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Portland's Quirky Sellwood Neighborhood

Five things to do in Portland's riverside Sellwood neighborhood.

Tea Chai Té occupies a historic Seattle Pacific Railroad caboose.

Nashco

Though the town of Sellwood officially became part of Portland in 1893, Sellwood and its neighboring district, Westmoreland, still have a charm all their own. The area, known as Sellwood-Moreland, is home to a teahouse in a caboose, a puppet museum, and other quaint delights. Here are five of our favorite neighborhood spots:

1. Green-winged teal, great blue herons, and all sorts of other birds flock to Oaks Bottom Wildlife Refuge, a beloved Sellwood park. Wander the wooded trails, and you might see purple loosestrife blooming in the wetlands and hawks nesting in the trees. Hike an easy 2.7-mile loop by taking Bluff Trail around the pond, then returning along the Willamette River on Springwater Corridor Trail.

2. Treasure hunters looking to get lost in Southeast Portland's vintage scene might want to start their quest at Stars Antiques Malls. Founded by four friends, the two Westmoreland shops house a maze of more than 200 sellers who deal in wire birdcages, old croquet sets, vintage movie posters, and all sorts of "extraordinary junk."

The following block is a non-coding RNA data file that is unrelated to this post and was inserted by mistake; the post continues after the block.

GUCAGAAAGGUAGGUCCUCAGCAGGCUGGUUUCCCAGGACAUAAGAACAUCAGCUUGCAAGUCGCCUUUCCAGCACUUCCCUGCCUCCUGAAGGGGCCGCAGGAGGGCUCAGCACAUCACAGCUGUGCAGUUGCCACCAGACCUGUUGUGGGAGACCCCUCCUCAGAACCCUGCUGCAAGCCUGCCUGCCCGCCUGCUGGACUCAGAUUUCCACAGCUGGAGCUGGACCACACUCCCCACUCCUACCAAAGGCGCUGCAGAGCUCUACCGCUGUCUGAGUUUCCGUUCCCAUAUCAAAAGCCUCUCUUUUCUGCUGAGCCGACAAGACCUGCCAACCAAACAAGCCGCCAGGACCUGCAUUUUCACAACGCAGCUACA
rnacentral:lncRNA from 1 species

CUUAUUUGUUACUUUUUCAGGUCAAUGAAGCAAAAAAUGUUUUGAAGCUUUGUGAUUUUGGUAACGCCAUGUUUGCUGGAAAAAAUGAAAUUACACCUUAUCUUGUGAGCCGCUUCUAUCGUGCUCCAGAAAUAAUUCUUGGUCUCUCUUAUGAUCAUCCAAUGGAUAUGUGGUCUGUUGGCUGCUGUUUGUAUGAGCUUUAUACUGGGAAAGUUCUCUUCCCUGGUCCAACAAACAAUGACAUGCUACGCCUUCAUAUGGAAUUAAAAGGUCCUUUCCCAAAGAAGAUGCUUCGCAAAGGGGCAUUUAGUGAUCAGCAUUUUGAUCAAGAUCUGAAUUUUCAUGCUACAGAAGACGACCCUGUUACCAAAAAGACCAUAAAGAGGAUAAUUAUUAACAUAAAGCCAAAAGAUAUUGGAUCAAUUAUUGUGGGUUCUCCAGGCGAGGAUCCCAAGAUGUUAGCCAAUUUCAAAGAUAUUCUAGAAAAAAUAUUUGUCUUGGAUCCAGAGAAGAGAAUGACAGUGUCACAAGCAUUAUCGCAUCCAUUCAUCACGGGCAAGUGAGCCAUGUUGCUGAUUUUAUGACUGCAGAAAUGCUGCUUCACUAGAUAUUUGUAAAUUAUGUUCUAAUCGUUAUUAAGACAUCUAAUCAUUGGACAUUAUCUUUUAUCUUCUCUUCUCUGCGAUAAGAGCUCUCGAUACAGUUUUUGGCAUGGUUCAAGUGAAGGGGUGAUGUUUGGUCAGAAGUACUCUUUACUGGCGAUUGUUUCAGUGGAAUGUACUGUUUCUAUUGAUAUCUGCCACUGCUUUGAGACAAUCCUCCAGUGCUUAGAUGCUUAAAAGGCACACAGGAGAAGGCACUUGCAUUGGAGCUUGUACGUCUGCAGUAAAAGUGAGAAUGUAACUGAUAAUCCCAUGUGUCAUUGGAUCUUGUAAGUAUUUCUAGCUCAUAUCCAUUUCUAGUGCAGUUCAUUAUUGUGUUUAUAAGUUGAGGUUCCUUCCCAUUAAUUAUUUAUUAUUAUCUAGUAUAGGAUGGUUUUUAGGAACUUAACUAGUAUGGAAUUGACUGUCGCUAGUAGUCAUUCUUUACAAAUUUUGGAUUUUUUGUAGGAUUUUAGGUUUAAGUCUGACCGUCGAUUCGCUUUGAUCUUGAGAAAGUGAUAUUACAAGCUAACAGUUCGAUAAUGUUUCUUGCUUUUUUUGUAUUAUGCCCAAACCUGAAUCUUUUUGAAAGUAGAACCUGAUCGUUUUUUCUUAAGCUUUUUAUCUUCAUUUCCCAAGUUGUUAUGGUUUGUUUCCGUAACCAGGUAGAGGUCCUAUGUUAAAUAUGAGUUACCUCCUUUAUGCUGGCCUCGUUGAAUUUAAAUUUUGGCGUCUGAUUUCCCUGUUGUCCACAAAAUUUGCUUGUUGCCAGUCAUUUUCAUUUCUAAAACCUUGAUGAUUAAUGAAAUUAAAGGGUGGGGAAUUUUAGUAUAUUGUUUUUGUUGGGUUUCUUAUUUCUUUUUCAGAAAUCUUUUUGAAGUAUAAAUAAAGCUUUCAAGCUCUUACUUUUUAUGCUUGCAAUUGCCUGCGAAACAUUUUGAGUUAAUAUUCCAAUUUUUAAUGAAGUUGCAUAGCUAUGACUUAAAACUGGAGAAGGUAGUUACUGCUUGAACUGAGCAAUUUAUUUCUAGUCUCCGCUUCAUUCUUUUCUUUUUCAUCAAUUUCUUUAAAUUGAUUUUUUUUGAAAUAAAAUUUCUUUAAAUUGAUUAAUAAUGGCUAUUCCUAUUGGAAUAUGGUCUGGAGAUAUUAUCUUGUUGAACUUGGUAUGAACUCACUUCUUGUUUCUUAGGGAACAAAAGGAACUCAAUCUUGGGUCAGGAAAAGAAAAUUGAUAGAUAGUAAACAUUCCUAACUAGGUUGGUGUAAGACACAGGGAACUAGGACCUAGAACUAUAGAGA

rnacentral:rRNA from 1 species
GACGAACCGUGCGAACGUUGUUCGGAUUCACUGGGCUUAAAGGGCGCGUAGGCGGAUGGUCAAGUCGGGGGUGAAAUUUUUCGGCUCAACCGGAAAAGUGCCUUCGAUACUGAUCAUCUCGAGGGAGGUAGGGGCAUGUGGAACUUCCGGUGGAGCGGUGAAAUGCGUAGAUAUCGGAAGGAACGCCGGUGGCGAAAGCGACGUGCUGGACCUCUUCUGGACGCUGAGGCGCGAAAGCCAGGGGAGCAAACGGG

3. Think the Sellwood branch of Tea Chai Té looks straight out of Portlandia? You're right: The cozy teahouse, tucked in a Seattle Pacific Railroad car, has often cameoed on the offbeat comedy. Peruse the tea wall, where cubbies hold more than 120 varietals, from the spiced Be Swell blend to the honeysuckle-scented coconut oolong. Then curl up with your cup on a crushed-velvet couch in the tea hall, or sit outside on the patio.

4. Don't be fooled by the ordinary facade: The Portland Puppet Museum is anything but commonplace. Inside sit 300 puppets and marionettes, many of them crafted by museum co-owner Steven M. Overton. Overton founded the Olde World Puppet Theatre in 1976 and has since made puppets for parades, theme parks, and even the live production of Disney's Hunchback of Notre Dame. Famous TV puppets live here, too: Look for Lamb Chop, a gift from ventriloquist Shari Lewis.

5. The Moreland Theater opened in 1926 to show silent films and—except for upgrades to accommodate "talkies"— the Westmoreland movie house remains unchanged. Patrons still enjoy the original hand-painted ceilings, arabesque arch entryways, and red-cushioned seats. And with a $6 matinee, the price is a throwback, too.

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This article was first published in Spring 2019. Some facts may have aged gracelessly. Please call ahead to verify information.